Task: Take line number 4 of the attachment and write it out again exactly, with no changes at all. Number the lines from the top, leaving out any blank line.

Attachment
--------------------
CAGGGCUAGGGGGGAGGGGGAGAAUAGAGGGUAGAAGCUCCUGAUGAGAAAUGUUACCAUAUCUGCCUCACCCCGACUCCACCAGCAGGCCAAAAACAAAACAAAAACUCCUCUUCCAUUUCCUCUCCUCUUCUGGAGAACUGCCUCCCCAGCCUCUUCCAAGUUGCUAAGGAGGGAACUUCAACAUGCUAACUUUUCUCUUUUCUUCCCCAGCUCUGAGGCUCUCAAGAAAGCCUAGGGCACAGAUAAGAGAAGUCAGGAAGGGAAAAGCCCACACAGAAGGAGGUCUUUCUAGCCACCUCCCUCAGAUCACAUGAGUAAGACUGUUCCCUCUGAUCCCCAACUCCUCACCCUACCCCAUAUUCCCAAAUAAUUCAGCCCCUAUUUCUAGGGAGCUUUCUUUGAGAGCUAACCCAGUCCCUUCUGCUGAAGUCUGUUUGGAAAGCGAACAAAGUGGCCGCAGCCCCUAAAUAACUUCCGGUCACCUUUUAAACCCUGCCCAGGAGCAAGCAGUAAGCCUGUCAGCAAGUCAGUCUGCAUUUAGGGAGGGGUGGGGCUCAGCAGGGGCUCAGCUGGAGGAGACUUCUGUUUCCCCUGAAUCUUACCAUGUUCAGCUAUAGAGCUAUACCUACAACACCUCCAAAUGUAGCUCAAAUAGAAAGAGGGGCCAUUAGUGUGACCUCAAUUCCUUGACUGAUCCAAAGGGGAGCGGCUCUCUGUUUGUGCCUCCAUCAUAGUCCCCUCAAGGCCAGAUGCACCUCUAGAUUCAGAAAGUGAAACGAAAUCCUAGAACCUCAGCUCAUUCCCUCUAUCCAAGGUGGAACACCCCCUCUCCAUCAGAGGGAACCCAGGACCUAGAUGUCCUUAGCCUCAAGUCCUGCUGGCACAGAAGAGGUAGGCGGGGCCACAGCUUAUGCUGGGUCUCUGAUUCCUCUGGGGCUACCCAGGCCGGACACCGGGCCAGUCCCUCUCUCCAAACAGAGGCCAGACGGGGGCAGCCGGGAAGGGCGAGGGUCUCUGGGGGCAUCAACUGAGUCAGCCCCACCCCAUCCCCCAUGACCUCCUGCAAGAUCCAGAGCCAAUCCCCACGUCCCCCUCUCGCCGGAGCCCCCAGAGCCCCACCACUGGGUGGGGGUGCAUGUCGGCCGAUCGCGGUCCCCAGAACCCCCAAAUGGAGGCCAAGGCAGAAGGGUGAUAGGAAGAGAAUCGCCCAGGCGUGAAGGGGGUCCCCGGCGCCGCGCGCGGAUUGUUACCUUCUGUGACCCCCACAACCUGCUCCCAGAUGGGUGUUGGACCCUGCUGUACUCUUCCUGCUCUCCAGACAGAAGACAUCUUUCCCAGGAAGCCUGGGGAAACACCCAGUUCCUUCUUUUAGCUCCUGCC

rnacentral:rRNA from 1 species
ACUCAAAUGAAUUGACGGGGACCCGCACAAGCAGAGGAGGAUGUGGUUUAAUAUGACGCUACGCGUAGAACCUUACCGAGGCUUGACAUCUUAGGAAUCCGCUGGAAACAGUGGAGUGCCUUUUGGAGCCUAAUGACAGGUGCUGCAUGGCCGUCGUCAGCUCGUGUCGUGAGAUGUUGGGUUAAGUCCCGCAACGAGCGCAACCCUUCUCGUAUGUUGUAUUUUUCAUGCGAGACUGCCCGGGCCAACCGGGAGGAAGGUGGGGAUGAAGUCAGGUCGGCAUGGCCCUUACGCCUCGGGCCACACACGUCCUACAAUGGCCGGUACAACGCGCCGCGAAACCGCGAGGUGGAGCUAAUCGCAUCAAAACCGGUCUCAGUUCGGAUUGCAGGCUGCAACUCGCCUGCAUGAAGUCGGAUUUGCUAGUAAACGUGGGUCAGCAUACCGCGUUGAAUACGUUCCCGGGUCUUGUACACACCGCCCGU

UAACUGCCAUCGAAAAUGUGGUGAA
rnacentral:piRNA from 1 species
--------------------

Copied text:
UAACUGCCAUCGAAAAUGUGGUGAA